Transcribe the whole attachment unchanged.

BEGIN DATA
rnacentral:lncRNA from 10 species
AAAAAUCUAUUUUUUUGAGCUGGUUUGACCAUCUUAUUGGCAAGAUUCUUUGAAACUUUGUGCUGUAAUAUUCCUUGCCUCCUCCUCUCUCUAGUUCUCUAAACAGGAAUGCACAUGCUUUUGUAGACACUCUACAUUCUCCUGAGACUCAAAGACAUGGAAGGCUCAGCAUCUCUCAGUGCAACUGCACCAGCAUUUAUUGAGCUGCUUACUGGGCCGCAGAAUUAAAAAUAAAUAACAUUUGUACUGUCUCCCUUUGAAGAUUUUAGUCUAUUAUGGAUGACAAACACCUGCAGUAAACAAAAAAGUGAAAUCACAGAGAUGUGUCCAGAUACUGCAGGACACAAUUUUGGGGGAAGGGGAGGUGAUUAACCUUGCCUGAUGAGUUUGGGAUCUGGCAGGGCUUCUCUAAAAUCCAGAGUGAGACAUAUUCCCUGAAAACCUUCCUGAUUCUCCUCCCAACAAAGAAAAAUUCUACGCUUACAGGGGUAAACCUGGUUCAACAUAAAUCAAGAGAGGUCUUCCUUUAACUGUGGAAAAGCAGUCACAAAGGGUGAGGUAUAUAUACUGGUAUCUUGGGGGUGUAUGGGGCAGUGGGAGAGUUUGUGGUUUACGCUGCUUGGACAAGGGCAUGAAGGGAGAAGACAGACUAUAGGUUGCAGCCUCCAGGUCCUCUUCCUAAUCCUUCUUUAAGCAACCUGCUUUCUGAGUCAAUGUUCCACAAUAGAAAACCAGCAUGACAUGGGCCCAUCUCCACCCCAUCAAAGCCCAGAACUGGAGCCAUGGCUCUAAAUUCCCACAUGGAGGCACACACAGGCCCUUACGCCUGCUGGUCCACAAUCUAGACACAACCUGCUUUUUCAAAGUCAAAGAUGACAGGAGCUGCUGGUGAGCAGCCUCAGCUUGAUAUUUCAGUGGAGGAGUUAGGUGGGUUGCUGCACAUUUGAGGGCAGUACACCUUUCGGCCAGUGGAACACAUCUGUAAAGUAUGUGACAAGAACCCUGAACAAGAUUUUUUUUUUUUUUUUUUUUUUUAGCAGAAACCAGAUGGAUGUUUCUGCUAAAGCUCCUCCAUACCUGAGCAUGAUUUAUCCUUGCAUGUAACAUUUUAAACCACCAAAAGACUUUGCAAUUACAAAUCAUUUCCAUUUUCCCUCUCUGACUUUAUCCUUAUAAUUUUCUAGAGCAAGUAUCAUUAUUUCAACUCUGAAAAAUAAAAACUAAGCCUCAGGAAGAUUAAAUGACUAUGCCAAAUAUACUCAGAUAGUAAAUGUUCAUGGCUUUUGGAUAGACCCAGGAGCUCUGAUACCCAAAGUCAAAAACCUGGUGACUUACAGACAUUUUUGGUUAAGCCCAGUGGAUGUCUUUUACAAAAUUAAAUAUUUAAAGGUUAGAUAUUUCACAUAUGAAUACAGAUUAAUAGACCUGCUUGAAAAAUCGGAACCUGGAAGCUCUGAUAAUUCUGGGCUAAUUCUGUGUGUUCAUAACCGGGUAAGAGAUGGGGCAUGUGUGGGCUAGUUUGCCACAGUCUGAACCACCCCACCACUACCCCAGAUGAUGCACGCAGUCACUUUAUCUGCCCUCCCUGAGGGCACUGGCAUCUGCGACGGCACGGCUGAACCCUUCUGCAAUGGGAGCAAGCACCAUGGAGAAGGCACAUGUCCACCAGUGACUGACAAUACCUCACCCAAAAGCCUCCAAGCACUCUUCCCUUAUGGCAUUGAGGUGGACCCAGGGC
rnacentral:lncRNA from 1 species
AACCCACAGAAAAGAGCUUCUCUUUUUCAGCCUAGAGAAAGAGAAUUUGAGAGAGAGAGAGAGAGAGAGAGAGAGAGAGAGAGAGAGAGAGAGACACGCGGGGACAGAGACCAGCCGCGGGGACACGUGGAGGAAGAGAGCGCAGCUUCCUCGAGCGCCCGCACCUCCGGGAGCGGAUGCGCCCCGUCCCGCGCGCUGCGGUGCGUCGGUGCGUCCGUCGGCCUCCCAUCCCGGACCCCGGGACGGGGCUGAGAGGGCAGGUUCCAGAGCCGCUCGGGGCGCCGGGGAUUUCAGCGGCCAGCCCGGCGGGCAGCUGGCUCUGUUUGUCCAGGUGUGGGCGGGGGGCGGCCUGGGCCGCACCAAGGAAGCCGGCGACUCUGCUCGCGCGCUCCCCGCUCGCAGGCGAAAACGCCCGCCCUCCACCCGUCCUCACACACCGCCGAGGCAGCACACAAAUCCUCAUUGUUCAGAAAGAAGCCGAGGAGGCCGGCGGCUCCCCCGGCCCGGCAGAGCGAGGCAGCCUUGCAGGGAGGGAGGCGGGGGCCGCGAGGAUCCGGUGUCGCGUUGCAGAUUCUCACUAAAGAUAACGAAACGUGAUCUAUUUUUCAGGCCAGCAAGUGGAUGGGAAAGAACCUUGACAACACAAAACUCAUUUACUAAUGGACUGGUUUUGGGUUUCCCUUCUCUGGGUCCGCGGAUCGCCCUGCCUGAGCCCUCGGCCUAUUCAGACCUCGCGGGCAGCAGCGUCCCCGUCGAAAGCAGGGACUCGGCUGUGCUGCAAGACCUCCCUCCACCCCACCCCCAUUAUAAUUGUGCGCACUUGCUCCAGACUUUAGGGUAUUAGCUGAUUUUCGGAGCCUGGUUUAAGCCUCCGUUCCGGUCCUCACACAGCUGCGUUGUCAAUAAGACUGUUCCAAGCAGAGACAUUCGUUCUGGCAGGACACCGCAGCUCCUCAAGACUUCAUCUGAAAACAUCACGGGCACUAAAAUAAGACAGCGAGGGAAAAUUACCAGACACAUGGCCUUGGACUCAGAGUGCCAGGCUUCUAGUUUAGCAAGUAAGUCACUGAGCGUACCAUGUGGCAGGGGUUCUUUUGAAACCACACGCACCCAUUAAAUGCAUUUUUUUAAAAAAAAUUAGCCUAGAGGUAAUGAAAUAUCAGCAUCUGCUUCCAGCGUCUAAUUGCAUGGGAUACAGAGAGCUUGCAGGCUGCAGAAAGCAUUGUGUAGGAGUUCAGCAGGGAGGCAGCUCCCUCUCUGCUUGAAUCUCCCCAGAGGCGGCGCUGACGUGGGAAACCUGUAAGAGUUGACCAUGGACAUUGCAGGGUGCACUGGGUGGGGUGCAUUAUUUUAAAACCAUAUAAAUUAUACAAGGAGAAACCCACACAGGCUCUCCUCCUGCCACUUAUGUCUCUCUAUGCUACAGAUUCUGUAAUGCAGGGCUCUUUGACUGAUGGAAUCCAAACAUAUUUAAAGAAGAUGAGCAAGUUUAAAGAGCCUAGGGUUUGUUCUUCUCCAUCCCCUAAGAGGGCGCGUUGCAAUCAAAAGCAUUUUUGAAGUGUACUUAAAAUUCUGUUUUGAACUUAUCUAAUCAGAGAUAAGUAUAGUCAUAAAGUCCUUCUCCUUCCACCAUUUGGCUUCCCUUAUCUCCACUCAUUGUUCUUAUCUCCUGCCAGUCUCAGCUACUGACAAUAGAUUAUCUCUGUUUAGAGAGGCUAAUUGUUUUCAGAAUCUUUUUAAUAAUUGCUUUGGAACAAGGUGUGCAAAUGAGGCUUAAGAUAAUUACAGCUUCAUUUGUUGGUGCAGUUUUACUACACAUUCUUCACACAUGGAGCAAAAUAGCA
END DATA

rnacentral:lncRNA from 10 species
AAAAAUCUAUUUUUUUGAGCUGGUUUGACCAUCUUAUUGGCAAGAUUCUUUGAAACUUUGUGCUGUAAUAUUCCUUGCCUCCUCCUCUCUCUAGUUCUCUAAACAGGAAUGCACAUGCUUUUGUAGACACUCUACAUUCUCCUGAGACUCAAAGACAUGGAAGGCUCAGCAUCUCUCAGUGCAACUGCACCAGCAUUUAUUGAGCUGCUUACUGGGCCGCAGAAUUAAAAAUAAAUAACAUUUGUACUGUCUCCCUUUGAAGAUUUUAGUCUAUUAUGGAUGACAAACACCUGCAGUAAACAAAAAAGUGAAAUCACAGAGAUGUGUCCAGAUACUGCAGGACACAAUUUUGGGGGAAGGGGAGGUGAUUAACCUUGCCUGAUGAGUUUGGGAUCUGGCAGGGCUUCUCUAAAAUCCAGAGUGAGACAUAUUCCCUGAAAACCUUCCUGAUUCUCCUCCCAACAAAGAAAAAUUCUACGCUUACAGGGGUAAACCUGGUUCAACAUAAAUCAAGAGAGGUCUUCCUUUAACUGUGGAAAAGCAGUCACAAAGGGUGAGGUAUAUAUACUGGUAUCUUGGGGGUGUAUGGGGCAGUGGGAGAGUUUGUGGUUUACGCUGCUUGGACAAGGGCAUGAAGGGAGAAGACAGACUAUAGGUUGCAGCCUCCAGGUCCUCUUCCUAAUCCUUCUUUAAGCAACCUGCUUUCUGAGUCAAUGUUCCACAAUAGAAAACCAGCAUGACAUGGGCCCAUCUCCACCCCAUCAAAGCCCAGAACUGGAGCCAUGGCUCUAAAUUCCCACAUGGAGGCACACACAGGCCCUUACGCCUGCUGGUCCACAAUCUAGACACAACCUGCUUUUUCAAAGUCAAAGAUGACAGGAGCUGCUGGUGAGCAGCCUCAGCUUGAUAUUUCAGUGGAGGAGUUAGGUGGGUUGCUGCACAUUUGAGGGCAGUACACCUUUCGGCCAGUGGAACACAUCUGUAAAGUAUGUGACAAGAACCCUGAACAAGAUUUUUUUUUUUUUUUUUUUUUUUAGCAGAAACCAGAUGGAUGUUUCUGCUAAAGCUCCUCCAUACCUGAGCAUGAUUUAUCCUUGCAUGUAACAUUUUAAACCACCAAAAGACUUUGCAAUUACAAAUCAUUUCCAUUUUCCCUCUCUGACUUUAUCCUUAUAAUUUUCUAGAGCAAGUAUCAUUAUUUCAACUCUGAAAAAUAAAAACUAAGCCUCAGGAAGAUUAAAUGACUAUGCCAAAUAUACUCAGAUAGUAAAUGUUCAUGGCUUUUGGAUAGACCCAGGAGCUCUGAUACCCAAAGUCAAAAACCUGGUGACUUACAGACAUUUUUGGUUAAGCCCAGUGGAUGUCUUUUACAAAAUUAAAUAUUUAAAGGUUAGAUAUUUCACAUAUGAAUACAGAUUAAUAGACCUGCUUGAAAAAUCGGAACCUGGAAGCUCUGAUAAUUCUGGGCUAAUUCUGUGUGUUCAUAACCGGGUAAGAGAUGGGGCAUGUGUGGGCUAGUUUGCCACAGUCUGAACCACCCCACCACUACCCCAGAUGAUGCACGCAGUCACUUUAUCUGCCCUCCCUGAGGGCACUGGCAUCUGCGACGGCACGGCUGAACCCUUCUGCAAUGGGAGCAAGCACCAUGGAGAAGGCACAUGUCCACCAGUGACUGACAAUACCUCACCCAAAAGCCUCCAAGCACUCUUCCCUUAUGGCAUUGAGGUGGACCCAGGGC
rnacentral:lncRNA from 1 species
AACCCACAGAAAAGAGCUUCUCUUUUUCAGCCUAGAGAAAGAGAAUUUGAGAGAGAGAGAGAGAGAGAGAGAGAGAGAGAGAGAGAGAGAGAGACACGCGGGGACAGAGACCAGCCGCGGGGACACGUGGAGGAAGAGAGCGCAGCUUCCUCGAGCGCCCGCACCUCCGGGAGCGGAUGCGCCCCGUCCCGCGCGCUGCGGUGCGUCGGUGCGUCCGUCGGCCUCCCAUCCCGGACCCCGGGACGGGGCUGAGAGGGCAGGUUCCAGAGCCGCUCGGGGCGCCGGGGAUUUCAGCGGCCAGCCCGGCGGGCAGCUGGCUCUGUUUGUCCAGGUGUGGGCGGGGGGCGGCCUGGGCCGCACCAAGGAAGCCGGCGACUCUGCUCGCGCGCUCCCCGCUCGCAGGCGAAAACGCCCGCCCUCCACCCGUCCUCACACACCGCCGAGGCAGCACACAAAUCCUCAUUGUUCAGAAAGAAGCCGAGGAGGCCGGCGGCUCCCCCGGCCCGGCAGAGCGAGGCAGCCUUGCAGGGAGGGAGGCGGGGGCCGCGAGGAUCCGGUGUCGCGUUGCAGAUUCUCACUAAAGAUAACGAAACGUGAUCUAUUUUUCAGGCCAGCAAGUGGAUGGGAAAGAACCUUGACAACACAAAACUCAUUUACUAAUGGACUGGUUUUGGGUUUCCCUUCUCUGGGUCCGCGGAUCGCCCUGCCUGAGCCCUCGGCCUAUUCAGACCUCGCGGGCAGCAGCGUCCCCGUCGAAAGCAGGGACUCGGCUGUGCUGCAAGACCUCCCUCCACCCCACCCCCAUUAUAAUUGUGCGCACUUGCUCCAGACUUUAGGGUAUUAGCUGAUUUUCGGAGCCUGGUUUAAGCCUCCGUUCCGGUCCUCACACAGCUGCGUUGUCAAUAAGACUGUUCCAAGCAGAGACAUUCGUUCUGGCAGGACACCGCAGCUCCUCAAGACUUCAUCUGAAAACAUCACGGGCACUAAAAUAAGACAGCGAGGGAAAAUUACCAGACACAUGGCCUUGGACUCAGAGUGCCAGGCUUCUAGUUUAGCAAGUAAGUCACUGAGCGUACCAUGUGGCAGGGGUUCUUUUGAAACCACACGCACCCAUUAAAUGCAUUUUUUUAAAAAAAAUUAGCCUAGAGGUAAUGAAAUAUCAGCAUCUGCUUCCAGCGUCUAAUUGCAUGGGAUACAGAGAGCUUGCAGGCUGCAGAAAGCAUUGUGUAGGAGUUCAGCAGGGAGGCAGCUCCCUCUCUGCUUGAAUCUCCCCAGAGGCGGCGCUGACGUGGGAAACCUGUAAGAGUUGACCAUGGACAUUGCAGGGUGCACUGGGUGGGGUGCAUUAUUUUAAAACCAUAUAAAUUAUACAAGGAGAAACCCACACAGGCUCUCCUCCUGCCACUUAUGUCUCUCUAUGCUACAGAUUCUGUAAUGCAGGGCUCUUUGACUGAUGGAAUCCAAACAUAUUUAAAGAAGAUGAGCAAGUUUAAAGAGCCUAGGGUUUGUUCUUCUCCAUCCCCUAAGAGGGCGCGUUGCAAUCAAAAGCAUUUUUGAAGUGUACUUAAAAUUCUGUUUUGAACUUAUCUAAUCAGAGAUAAGUAUAGUCAUAAAGUCCUUCUCCUUCCACCAUUUGGCUUCCCUUAUCUCCACUCAUUGUUCUUAUCUCCUGCCAGUCUCAGCUACUGACAAUAGAUUAUCUCUGUUUAGAGAGGCUAAUUGUUUUCAGAAUCUUUUUAAUAAUUGCUUUGGAACAAGGUGUGCAAAUGAGGCUUAAGAUAAUUACAGCUUCAUUUGUUGGUGCAGUUUUACUACACAUUCUUCACACAUGGAGCAAAAUAGCA